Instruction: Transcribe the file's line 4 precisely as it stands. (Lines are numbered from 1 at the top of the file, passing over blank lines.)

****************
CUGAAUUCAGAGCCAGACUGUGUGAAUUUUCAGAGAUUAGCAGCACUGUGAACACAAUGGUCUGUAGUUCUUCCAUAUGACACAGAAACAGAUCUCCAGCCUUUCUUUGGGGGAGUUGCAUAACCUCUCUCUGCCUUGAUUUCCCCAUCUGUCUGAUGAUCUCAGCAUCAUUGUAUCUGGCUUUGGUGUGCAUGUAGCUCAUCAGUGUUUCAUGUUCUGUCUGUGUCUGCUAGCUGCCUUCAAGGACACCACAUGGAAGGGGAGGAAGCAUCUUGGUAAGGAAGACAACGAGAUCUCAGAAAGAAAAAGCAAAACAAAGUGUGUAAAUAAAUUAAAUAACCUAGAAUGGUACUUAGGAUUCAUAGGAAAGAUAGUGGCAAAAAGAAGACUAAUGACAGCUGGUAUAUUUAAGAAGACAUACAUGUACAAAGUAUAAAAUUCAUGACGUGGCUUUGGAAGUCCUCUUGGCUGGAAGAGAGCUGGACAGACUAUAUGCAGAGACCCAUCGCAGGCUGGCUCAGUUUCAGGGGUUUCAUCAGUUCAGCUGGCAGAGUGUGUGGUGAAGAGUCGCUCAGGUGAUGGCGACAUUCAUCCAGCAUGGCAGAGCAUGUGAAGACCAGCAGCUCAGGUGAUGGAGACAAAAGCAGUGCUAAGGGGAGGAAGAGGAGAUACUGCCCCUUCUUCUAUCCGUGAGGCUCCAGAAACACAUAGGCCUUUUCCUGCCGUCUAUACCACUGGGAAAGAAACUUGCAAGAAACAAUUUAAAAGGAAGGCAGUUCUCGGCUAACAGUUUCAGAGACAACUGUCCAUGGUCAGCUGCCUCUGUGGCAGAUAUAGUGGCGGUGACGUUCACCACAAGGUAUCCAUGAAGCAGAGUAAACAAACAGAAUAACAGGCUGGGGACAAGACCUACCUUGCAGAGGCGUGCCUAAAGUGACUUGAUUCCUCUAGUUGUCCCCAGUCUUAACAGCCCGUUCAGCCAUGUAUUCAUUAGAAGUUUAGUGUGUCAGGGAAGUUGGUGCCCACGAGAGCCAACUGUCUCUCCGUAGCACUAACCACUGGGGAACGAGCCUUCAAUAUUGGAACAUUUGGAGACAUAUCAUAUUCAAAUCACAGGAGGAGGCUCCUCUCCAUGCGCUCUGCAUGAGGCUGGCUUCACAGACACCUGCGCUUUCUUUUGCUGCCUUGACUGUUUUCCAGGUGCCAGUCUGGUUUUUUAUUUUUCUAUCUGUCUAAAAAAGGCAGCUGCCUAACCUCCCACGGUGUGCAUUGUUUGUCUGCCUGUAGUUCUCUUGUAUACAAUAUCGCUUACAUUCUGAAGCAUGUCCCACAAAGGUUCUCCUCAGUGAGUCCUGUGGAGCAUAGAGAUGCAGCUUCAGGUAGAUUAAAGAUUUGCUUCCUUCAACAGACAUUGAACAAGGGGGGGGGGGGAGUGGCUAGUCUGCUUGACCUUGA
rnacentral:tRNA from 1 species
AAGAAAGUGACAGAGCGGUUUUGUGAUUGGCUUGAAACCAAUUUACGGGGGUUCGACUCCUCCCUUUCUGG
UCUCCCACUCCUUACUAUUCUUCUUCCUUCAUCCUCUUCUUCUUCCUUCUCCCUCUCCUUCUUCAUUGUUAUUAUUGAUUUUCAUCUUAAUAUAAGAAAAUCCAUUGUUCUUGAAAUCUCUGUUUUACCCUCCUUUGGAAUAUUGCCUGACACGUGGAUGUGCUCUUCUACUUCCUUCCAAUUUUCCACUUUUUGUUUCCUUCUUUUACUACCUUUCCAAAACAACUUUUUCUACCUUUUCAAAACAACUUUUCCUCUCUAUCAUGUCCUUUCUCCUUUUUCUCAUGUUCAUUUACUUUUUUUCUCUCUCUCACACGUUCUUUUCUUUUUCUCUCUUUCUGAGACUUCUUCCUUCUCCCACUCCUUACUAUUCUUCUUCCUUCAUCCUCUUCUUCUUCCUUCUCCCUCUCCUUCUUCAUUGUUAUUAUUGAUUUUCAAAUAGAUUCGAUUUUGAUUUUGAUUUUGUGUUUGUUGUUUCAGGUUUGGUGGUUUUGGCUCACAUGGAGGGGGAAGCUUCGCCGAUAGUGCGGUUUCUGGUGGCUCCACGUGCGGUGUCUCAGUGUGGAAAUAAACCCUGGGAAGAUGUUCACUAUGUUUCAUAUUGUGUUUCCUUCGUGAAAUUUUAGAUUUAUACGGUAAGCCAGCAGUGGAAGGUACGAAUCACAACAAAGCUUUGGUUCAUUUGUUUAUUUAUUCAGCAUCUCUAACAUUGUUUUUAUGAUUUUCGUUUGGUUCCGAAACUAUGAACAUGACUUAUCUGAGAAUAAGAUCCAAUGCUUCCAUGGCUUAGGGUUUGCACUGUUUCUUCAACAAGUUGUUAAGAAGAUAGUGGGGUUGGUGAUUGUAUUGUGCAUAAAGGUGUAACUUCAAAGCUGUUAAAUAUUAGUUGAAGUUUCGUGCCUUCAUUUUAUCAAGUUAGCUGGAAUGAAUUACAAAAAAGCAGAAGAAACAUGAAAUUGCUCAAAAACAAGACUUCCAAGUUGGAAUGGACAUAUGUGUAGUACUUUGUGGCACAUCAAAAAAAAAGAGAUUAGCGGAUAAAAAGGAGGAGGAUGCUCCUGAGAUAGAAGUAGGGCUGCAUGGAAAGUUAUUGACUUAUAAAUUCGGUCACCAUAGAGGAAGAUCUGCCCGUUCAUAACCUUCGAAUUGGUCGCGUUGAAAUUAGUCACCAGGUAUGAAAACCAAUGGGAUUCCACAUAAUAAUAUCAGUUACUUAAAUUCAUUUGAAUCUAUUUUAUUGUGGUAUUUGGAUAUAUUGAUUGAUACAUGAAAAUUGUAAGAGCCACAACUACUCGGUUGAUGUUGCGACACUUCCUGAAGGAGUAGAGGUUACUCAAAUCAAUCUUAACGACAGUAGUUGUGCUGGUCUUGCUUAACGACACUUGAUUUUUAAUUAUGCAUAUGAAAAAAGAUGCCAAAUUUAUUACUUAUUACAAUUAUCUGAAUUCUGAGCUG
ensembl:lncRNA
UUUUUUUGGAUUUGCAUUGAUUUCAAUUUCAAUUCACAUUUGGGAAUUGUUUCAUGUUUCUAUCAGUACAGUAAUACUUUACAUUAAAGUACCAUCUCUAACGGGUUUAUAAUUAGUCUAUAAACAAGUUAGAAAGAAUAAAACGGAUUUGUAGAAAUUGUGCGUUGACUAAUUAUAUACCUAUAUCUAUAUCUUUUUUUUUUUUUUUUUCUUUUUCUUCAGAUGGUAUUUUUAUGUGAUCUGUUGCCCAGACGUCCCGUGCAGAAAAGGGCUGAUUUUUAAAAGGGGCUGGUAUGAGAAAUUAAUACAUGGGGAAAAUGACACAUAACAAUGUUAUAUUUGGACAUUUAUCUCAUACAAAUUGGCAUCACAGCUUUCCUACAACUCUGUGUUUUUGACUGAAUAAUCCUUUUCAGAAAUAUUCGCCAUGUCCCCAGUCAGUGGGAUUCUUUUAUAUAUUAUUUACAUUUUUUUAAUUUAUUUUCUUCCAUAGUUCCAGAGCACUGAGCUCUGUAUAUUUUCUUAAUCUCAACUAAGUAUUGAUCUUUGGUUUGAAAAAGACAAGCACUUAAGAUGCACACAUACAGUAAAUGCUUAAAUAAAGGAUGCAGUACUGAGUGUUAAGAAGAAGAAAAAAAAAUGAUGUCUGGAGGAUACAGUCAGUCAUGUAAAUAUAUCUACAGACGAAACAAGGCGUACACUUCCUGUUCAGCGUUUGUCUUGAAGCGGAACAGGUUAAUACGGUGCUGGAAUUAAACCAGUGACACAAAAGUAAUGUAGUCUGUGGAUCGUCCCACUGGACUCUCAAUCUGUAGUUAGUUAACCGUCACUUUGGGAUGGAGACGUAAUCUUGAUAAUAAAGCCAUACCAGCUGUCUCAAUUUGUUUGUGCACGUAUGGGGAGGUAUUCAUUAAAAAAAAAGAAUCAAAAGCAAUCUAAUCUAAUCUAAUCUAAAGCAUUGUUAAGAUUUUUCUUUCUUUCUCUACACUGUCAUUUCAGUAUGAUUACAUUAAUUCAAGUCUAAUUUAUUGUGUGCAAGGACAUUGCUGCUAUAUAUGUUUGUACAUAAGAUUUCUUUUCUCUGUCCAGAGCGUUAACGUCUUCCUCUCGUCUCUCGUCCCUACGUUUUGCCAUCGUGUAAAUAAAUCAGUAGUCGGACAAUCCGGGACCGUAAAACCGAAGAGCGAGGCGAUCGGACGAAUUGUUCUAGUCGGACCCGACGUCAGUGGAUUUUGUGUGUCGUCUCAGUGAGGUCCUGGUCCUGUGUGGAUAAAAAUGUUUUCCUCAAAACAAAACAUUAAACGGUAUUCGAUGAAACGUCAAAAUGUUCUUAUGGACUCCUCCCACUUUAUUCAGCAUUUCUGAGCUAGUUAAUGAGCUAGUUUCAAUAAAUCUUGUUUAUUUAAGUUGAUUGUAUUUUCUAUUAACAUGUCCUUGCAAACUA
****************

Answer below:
UCUCCCACUCCUUACUAUUCUUCUUCCUUCAUCCUCUUCUUCUUCCUUCUCCCUCUCCUUCUUCAUUGUUAUUAUUGAUUUUCAUCUUAAUAUAAGAAAAUCCAUUGUUCUUGAAAUCUCUGUUUUACCCUCCUUUGGAAUAUUGCCUGACACGUGGAUGUGCUCUUCUACUUCCUUCCAAUUUUCCACUUUUUGUUUCCUUCUUUUACUACCUUUCCAAAACAACUUUUUCUACCUUUUCAAAACAACUUUUCCUCUCUAUCAUGUCCUUUCUCCUUUUUCUCAUGUUCAUUUACUUUUUUUCUCUCUCUCACACGUUCUUUUCUUUUUCUCUCUUUCUGAGACUUCUUCCUUCUCCCACUCCUUACUAUUCUUCUUCCUUCAUCCUCUUCUUCUUCCUUCUCCCUCUCCUUCUUCAUUGUUAUUAUUGAUUUUCAAAUAGAUUCGAUUUUGAUUUUGAUUUUGUGUUUGUUGUUUCAGGUUUGGUGGUUUUGGCUCACAUGGAGGGGGAAGCUUCGCCGAUAGUGCGGUUUCUGGUGGCUCCACGUGCGGUGUCUCAGUGUGGAAAUAAACCCUGGGAAGAUGUUCACUAUGUUUCAUAUUGUGUUUCCUUCGUGAAAUUUUAGAUUUAUACGGUAAGCCAGCAGUGGAAGGUACGAAUCACAACAAAGCUUUGGUUCAUUUGUUUAUUUAUUCAGCAUCUCUAACAUUGUUUUUAUGAUUUUCGUUUGGUUCCGAAACUAUGAACAUGACUUAUCUGAGAAUAAGAUCCAAUGCUUCCAUGGCUUAGGGUUUGCACUGUUUCUUCAACAAGUUGUUAAGAAGAUAGUGGGGUUGGUGAUUGUAUUGUGCAUAAAGGUGUAACUUCAAAGCUGUUAAAUAUUAGUUGAAGUUUCGUGCCUUCAUUUUAUCAAGUUAGCUGGAAUGAAUUACAAAAAAGCAGAAGAAACAUGAAAUUGCUCAAAAACAAGACUUCCAAGUUGGAAUGGACAUAUGUGUAGUACUUUGUGGCACAUCAAAAAAAAAGAGAUUAGCGGAUAAAAAGGAGGAGGAUGCUCCUGAGAUAGAAGUAGGGCUGCAUGGAAAGUUAUUGACUUAUAAAUUCGGUCACCAUAGAGGAAGAUCUGCCCGUUCAUAACCUUCGAAUUGGUCGCGUUGAAAUUAGUCACCAGGUAUGAAAACCAAUGGGAUUCCACAUAAUAAUAUCAGUUACUUAAAUUCAUUUGAAUCUAUUUUAUUGUGGUAUUUGGAUAUAUUGAUUGAUACAUGAAAAUUGUAAGAGCCACAACUACUCGGUUGAUGUUGCGACACUUCCUGAAGGAGUAGAGGUUACUCAAAUCAAUCUUAACGACAGUAGUUGUGCUGGUCUUGCUUAACGACACUUGAUUUUUAAUUAUGCAUAUGAAAAAAGAUGCCAAAUUUAUUACUUAUUACAAUUAUCUGAAUUCUGAGCUG